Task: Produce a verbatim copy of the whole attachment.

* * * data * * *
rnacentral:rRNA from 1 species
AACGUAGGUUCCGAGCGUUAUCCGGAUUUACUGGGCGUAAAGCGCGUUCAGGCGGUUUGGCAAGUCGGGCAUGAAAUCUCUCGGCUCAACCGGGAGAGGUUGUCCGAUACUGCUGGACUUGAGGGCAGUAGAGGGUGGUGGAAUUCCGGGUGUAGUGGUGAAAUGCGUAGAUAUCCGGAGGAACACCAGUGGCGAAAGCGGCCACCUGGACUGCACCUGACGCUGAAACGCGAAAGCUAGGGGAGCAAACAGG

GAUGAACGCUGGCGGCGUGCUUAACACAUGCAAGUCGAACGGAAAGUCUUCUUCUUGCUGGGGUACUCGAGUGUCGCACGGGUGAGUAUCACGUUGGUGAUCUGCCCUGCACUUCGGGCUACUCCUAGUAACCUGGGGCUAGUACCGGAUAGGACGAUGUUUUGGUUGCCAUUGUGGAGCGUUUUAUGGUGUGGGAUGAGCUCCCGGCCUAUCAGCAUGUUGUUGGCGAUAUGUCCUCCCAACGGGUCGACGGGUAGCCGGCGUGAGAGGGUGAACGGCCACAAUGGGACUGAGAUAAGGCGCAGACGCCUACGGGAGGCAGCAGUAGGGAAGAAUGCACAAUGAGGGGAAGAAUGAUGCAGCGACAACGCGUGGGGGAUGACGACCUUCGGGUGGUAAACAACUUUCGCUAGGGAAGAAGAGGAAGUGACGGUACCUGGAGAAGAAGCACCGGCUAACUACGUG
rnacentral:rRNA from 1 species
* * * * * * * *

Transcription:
rnacentral:rRNA from 1 species
AACGUAGGUUCCGAGCGUUAUCCGGAUUUACUGGGCGUAAAGCGCGUUCAGGCGGUUUGGCAAGUCGGGCAUGAAAUCUCUCGGCUCAACCGGGAGAGGUUGUCCGAUACUGCUGGACUUGAGGGCAGUAGAGGGUGGUGGAAUUCCGGGUGUAGUGGUGAAAUGCGUAGAUAUCCGGAGGAACACCAGUGGCGAAAGCGGCCACCUGGACUGCACCUGACGCUGAAACGCGAAAGCUAGGGGAGCAAACAGG

GAUGAACGCUGGCGGCGUGCUUAACACAUGCAAGUCGAACGGAAAGUCUUCUUCUUGCUGGGGUACUCGAGUGUCGCACGGGUGAGUAUCACGUUGGUGAUCUGCCCUGCACUUCGGGCUACUCCUAGUAACCUGGGGCUAGUACCGGAUAGGACGAUGUUUUGGUUGCCAUUGUGGAGCGUUUUAUGGUGUGGGAUGAGCUCCCGGCCUAUCAGCAUGUUGUUGGCGAUAUGUCCUCCCAACGGGUCGACGGGUAGCCGGCGUGAGAGGGUGAACGGCCACAAUGGGACUGAGAUAAGGCGCAGACGCCUACGGGAGGCAGCAGUAGGGAAGAAUGCACAAUGAGGGGAAGAAUGAUGCAGCGACAACGCGUGGGGGAUGACGACCUUCGGGUGGUAAACAACUUUCGCUAGGGAAGAAGAGGAAGUGACGGUACCUGGAGAAGAAGCACCGGCUAACUACGUG
rnacentral:rRNA from 1 species